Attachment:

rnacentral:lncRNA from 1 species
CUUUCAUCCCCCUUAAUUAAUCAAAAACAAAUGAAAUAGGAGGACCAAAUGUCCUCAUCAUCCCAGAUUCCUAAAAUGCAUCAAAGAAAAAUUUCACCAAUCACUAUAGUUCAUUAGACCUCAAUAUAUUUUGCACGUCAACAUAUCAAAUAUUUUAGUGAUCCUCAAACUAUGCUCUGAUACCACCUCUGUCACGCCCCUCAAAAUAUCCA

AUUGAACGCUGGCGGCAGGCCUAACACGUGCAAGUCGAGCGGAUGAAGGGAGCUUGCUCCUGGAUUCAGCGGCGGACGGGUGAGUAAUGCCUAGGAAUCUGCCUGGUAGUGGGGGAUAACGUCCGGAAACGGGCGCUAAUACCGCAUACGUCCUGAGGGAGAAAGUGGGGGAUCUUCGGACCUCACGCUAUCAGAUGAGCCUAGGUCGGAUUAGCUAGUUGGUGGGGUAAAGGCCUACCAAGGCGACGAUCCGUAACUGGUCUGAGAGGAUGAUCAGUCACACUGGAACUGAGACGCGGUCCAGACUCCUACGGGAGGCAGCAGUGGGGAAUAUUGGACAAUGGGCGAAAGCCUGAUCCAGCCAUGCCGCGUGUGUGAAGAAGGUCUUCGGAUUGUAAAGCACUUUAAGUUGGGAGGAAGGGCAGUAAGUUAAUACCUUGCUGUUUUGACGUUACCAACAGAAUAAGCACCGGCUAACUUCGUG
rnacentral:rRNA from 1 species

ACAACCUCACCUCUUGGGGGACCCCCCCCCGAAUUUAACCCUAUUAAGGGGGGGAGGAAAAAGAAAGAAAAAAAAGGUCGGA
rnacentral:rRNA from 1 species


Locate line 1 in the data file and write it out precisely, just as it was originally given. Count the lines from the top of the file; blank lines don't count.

rnacentral:lncRNA from 1 species